Pick Me!

A weblog by Laura Moncur


Cody’s Cat: Part 3 of 5

Filed under: Fiction — Laura Moncur @ 5:00 am

“The creatine levels are higher. So are the phosphorous and calcium levels. Have you been giving her the binder?” Cody nodded. “Yeah, is it not working?” The veterinarian shook her head. “There’s only so much it can do. Tiger has been fighting kidney failure for…” she flipped through the folder, “…wow, have we been dealing with this for two years?” Cody nodded. The vet continued, “Listen, Cody. You’ve done an amazing job keeping Tiger going for so long, but these levels are nearly toxic. Any other owner would have had her put to sleep by now. The fact that you’re willing to give her subcutaneous fluids as often as you do is above and beyond what any normal pet owner would have done. Maybe it’s time to have her put down.”

Cody looked at Tiger on the examination table. Her greasy fur was sticking out in all directions. She looked up at him and rubbed her face on the cat carrier. He replied, “She’ll tell me when it’s time.” Doctor Chinsky nodded. “Yes, you’re right. They usually tell their owners when it’s time. She still eating?” Cody nodded and pet Tiger. “She’s taking forever to eat, but she IS eating.” The vet looked at the sheet of paper that described Tiger’s blood in its basic components. “Well, for any other client, I wouldn’t do this, but for you, I think you can handle it.”

She walked to the small refrigerator and took out a small syringe pre-wrapped. “This is pentobarbital. It’s what we use to euthanize pets. If Tiger tells you it’s time, you should use this. I wouldn’t normally do this, but you have enough experience. Now, this is a little different than the sub-Q fluids you usually give her. You have to hit a vein with this one.” Doctor Chinsky approached Cody and handed him the small syringe, but he pushed it away. She continued to talk, “This is enough pentobarbital to put down a large dog. You don’t need to give her the full dose, but just in case you don’t hit a vein the first time, you’ll have a second chance.” Cody opened the door of the cat carrier and allowed Tiger to walk in. “I’m not taking that. If she needs to be put to sleep, I’ll bring her here.”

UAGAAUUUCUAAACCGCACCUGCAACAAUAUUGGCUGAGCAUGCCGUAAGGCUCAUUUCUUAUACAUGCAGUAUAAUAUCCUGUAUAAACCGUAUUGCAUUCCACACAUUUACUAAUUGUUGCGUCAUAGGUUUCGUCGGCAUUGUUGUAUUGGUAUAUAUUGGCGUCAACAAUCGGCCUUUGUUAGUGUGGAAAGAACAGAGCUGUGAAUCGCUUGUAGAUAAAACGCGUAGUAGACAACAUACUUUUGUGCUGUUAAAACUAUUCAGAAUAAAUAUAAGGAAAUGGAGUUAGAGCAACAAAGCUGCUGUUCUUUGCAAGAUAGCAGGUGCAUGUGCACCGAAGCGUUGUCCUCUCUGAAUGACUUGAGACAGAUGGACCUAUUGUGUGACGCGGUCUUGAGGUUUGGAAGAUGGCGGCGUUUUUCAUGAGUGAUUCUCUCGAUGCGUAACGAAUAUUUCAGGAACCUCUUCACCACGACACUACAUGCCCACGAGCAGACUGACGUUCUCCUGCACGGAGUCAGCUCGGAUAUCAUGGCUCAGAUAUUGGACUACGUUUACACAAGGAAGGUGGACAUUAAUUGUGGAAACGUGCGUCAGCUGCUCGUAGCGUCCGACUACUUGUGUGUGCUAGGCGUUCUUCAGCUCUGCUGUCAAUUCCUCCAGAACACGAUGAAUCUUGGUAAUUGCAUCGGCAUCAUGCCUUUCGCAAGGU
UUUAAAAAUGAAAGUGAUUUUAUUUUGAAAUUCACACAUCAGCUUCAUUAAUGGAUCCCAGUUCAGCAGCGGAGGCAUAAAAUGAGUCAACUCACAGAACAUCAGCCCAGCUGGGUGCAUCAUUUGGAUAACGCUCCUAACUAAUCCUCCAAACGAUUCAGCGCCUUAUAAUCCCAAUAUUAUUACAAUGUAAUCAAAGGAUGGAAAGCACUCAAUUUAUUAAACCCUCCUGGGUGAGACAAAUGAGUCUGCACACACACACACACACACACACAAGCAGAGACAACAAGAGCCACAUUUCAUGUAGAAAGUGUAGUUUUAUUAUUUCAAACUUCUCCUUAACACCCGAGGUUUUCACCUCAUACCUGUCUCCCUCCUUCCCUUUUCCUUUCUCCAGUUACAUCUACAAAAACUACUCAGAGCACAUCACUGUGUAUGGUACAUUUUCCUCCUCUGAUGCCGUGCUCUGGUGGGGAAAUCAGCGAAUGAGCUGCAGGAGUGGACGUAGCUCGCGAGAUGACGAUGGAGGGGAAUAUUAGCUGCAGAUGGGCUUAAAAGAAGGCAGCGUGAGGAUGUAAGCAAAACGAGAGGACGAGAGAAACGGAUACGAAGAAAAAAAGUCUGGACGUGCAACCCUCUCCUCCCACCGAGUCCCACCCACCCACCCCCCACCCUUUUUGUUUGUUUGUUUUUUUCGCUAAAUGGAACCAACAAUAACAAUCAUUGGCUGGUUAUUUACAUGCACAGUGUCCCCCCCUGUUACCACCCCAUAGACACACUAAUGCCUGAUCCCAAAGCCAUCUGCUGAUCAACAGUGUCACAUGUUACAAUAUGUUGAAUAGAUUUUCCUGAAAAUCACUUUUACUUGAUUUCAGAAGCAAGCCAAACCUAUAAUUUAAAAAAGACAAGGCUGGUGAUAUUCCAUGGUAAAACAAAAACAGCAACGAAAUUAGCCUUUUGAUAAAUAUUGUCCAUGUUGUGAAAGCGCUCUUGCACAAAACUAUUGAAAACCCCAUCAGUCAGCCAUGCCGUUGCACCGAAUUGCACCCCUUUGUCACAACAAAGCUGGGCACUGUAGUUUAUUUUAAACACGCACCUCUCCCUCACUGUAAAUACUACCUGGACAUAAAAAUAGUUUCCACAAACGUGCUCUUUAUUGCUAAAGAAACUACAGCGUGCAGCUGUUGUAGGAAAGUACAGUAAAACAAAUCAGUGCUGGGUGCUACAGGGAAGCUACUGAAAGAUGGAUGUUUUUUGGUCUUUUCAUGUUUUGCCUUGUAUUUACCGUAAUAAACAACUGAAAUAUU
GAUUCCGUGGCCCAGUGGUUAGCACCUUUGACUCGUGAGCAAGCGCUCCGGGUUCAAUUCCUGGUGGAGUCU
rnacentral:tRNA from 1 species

His vet argued with him, “What I’m trying to tell you, Cody is that she’ll probably not last the weekend. Her levels are that high.” Cody walked out of the room and up to the desk to pay. He talked to the vet tech at the desk, “I’ll need another case of k/d food, a bag of Normosol-R, two 60 ml syringes and ten needles.” Doctor Chinsky followed him to the desk. “There’s a new flavor of k/d food. Why don’t we give you a few for free? You can buy the case next week.” Cody’s large hand started at his forehead and wiped his face all the way to his chin, hiding his tears in the process. “Sure, whatever.” He held the box of supplies under one arm and carried Tiger in her carrier in the other. The cold air blasted him as he awkwardly opened the door.

Cody's Cat: Clean out the carrier by Laura Moncur 03-19-07

He released Tiger into his apartment and immediately took the carrier into the bathroom. She hadn’t been able to hold her urine on the trip home. He washed the carrier and then grabbed Tiger for a quick wipe-down with baby wipes. Her accidents were so frequent now that he had gotten cleaning her down to a science.

By the time he unpacked the supplies, he had calmed down. He put the Normosol-R in the refrigerator. As he sorted the syringes and needles, he noticed that Doctor Chinsky had put the pentobarbital in the box with the rest of his supplies. He considered throwing it away, but he put it in the fridge just in case. He didn’t want to think about losing Tiger, but he didn’t want to think about her suffering over the weekend waiting for the vet clinic to open.

He opened the new flavor of k/d food, but Tiger turned her nose up at it.


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